Brands and Brand Protection organisations have tried to push this agenda with them. In late 2019 the U.S. Trade Representative’s Office (USTR) received requests to put a number of Amazon country sites on the official ‘Notorious’ list of counterfeit promoting sites. But given the surge in sales in recent years on these platforms and the growing demand by consumers, nothing but legislation could force major action in this area.
At this point, we must be fair to these marketplaces in pointing out that this is not a simple issue to fix. Counterfeiters are extremely ingenious. They can produce products that look almost identical to the genuine product. They will use brand logos on generic products to make them more desirable. They will list products without using the brand name or other key search terms to try to avoid their listings being identified as fake. And most amazingly, they’ll even produce fake holograms (and other authentication devices) to make it extremely difficult to identify their product as the fake.
But the real problem is the sheer volume of these fake listings and goods being shipped. Every 3 years the OECD issues a report that tracks the volume of fake goods that were intercepted and impounded. The last report was in 2016 and it showed that the international trade in counterfeit and pirated products equated to approximately $509 billion (excluding domestically produced counterfeits and pirated digital products). This represented up to 3.3% of world trade and was an almost 10.5% increase on 2013 figures. As we await the 2019 figures to be issued this year, the expectation is a similar, if not larger, rise.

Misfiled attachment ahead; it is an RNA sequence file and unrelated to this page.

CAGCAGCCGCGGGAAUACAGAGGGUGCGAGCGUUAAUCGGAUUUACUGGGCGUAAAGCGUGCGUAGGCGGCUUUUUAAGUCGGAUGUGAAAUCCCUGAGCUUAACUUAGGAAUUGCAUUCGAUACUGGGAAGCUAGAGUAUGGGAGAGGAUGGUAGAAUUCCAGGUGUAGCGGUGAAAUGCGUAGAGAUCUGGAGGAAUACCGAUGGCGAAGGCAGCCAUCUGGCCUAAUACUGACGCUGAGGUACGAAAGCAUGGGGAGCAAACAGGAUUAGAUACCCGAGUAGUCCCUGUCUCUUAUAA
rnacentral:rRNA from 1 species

The counterfeiters get away with these activities because the number of listings added every day, and the number of packages containing fake goods being shipped, is simply too large for humans to effectively deal with. Even when they do identify fake listings and take them down, the counterfeiters simply create new listings and they continue. Meanwhile, without significant training, professionals in the field, such as customs officials, are simply unable to efficiently identify and stop fake products from reaching their destinations.
The answer is Artificial Intelligence. AI systems exist to do two things:
These AI systems are extremely accurate, never get tired and never sleep. They can also process many millions of listings and images per month. That means fake listings can be identified within hours, or even minutes of them going live and be taken down.
Once you can respond to the counterfeiters that quickly, the odds shift very significantly in favour of the marketplaces and genuine sellers. The amount of work counterfeiters need to do increases exponentially and ultimately they will be forced out.
This is not a vision of what might be possible in the future; this is happening right now. It’s just not yet being used universally. But solutions from companies like ours at LogoGrab are ready to make the difference to halt the tsunami of fake goods.